This article helps you, the developer, to begin using Redux Framework in the most basic of ways: adding fields. In the past, working with Redux required some understanding of PHP Classes and how they work. With Redux 3.5+ the learning curve has all but disappeared.
I’m one of the creators of Redux Framework, and in this tutorial, I will discuss the inner structure of Redux, how fields and sections work, and global configuration arguments.
Redux ships with a sample-config.php file containing multiple examples of setting up Redux, as well as examples for almost every field we offer. For more extensive understanding, review the sample config or check out the Redux Documentation.
In order to begin using Redux Framework, it must be loaded. There are two ways in which to make this happen.
First, Redux can easily be installed as a plugin and activated. The plugin is freely available at WordPress.org. Installation is then done through the plugin installer interface.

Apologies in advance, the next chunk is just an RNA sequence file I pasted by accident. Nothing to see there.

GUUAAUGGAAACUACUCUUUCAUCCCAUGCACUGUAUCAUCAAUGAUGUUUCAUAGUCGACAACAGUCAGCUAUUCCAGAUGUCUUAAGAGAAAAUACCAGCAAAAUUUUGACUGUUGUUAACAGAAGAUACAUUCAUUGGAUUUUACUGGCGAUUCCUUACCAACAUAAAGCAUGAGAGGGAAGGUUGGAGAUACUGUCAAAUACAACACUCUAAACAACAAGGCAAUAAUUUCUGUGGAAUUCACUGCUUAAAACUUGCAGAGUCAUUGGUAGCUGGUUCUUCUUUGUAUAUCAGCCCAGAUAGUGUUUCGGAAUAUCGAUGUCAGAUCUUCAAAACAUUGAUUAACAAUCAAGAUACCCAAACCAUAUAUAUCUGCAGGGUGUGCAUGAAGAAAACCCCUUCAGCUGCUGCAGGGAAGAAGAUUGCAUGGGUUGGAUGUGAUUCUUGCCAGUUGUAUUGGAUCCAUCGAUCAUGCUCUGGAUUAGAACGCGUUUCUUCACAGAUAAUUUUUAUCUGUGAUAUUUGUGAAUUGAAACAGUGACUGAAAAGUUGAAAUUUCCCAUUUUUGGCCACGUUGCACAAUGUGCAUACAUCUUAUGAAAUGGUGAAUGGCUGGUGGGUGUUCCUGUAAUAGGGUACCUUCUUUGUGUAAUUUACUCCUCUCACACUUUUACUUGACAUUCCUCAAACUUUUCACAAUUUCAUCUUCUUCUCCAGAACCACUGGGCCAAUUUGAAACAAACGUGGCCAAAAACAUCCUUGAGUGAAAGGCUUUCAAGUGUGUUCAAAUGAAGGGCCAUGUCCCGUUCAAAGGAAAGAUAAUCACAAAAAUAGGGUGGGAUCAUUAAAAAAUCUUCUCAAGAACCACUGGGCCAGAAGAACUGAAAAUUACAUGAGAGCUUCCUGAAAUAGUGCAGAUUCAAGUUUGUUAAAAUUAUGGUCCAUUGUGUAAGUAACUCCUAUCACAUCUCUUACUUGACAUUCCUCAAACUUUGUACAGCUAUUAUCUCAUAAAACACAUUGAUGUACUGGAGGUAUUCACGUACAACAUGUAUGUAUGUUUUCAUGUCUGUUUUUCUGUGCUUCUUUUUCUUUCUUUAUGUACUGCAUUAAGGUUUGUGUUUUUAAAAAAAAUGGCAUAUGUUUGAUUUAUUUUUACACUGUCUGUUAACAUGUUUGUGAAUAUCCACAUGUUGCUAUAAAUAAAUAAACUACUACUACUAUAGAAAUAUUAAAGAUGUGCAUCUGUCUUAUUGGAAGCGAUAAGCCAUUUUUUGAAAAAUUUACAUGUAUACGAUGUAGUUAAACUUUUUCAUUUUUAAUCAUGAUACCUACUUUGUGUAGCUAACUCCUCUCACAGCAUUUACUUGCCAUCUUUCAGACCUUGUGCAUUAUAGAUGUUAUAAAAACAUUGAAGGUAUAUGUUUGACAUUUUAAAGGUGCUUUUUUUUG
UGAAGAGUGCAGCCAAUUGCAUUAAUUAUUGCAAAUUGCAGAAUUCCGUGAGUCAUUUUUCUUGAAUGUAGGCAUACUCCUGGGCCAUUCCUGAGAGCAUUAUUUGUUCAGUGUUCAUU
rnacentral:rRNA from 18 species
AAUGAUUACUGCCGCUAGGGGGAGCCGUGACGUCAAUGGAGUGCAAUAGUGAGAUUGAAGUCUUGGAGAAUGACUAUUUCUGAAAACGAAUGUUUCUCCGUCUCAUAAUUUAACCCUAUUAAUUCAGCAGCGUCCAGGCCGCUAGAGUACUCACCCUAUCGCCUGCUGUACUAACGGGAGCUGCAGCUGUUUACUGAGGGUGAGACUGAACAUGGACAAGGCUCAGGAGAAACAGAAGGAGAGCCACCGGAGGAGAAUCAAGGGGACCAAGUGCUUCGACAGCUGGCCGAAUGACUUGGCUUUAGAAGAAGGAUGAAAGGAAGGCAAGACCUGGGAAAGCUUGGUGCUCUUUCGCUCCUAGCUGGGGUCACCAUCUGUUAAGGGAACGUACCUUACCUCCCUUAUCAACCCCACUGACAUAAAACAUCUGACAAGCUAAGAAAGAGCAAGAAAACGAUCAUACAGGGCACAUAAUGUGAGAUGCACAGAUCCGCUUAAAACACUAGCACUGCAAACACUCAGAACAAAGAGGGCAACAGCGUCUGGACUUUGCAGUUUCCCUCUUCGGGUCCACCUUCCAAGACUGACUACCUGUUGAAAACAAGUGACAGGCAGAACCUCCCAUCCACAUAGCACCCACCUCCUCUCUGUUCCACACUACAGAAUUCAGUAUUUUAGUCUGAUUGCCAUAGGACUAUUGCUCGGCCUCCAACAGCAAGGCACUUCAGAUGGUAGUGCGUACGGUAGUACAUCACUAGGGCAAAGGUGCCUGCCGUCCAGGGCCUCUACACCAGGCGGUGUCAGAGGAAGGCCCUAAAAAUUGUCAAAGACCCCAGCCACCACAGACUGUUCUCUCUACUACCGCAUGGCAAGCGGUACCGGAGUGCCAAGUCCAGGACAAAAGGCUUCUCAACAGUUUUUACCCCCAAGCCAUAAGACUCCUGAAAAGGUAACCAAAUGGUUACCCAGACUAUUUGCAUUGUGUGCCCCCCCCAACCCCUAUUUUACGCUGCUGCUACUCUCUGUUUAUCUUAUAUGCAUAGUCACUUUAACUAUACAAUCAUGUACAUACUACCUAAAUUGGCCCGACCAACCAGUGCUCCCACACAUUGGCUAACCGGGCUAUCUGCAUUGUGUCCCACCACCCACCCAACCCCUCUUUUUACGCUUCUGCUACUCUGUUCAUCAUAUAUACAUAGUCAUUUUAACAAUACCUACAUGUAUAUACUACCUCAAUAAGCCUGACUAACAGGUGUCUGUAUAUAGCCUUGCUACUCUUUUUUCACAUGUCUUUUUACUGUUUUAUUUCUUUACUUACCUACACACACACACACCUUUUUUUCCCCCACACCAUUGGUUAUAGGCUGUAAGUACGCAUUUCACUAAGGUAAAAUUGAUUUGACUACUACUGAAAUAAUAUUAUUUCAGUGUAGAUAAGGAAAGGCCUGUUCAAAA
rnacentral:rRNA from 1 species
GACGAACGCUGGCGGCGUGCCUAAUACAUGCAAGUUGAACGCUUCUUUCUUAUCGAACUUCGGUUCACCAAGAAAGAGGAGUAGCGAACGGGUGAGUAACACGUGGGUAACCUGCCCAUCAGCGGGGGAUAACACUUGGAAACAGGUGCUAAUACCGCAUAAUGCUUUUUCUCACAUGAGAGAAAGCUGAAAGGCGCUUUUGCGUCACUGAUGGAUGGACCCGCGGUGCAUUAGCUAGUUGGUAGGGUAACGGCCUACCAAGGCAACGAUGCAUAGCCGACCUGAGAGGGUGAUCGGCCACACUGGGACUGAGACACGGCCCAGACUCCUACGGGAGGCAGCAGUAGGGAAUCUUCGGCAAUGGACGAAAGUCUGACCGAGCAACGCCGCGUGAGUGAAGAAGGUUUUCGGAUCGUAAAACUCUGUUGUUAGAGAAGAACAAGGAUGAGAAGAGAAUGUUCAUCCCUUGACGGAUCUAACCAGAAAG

The second way to install Redux Framework is to embed it within your theme or plugin. Embedding is fairly easy to do as well. Simply copy the ReduxCore folder to your theme or plugin (renaming the directory to whatever name you desire) and include the framework.php file found within, through standard PHP include functions.
If these embed instructions are too difficult, Redux also offers the Redux Builder which allows you to output a fully functional theme with Redux already loaded. Best of all, the builder service is completely free.
Now that Redux Framework is loaded, we can begin using it.
Understanding How Redux Runs
In order to understand how Redux Framework runs, one must first understand what a Redux instance is. Redux can be run by a theme and any number of plugins at the same time, all from within one WordPress install. Each instance has its own unique set of characteristics and arguments; each can behave very differently from other Redux instances.
The reason Redux runs as it does is simply to ensure the greatest level of flexibility. Far too many option frameworks only allowed for one instance of their framework to run. We wanted plugin and theme developers alike to work with Redux unhindered by one another’s code.
The opt_name Argument
How exactly does one keep instances separate? It’s all through a unique key called the
opt_name. This is where your data is stored in WordPress and also counts as your unique key throughout the Redux Framework. It’s important to understand that before you begin working with Redux Framework, you’ll need to choose a unique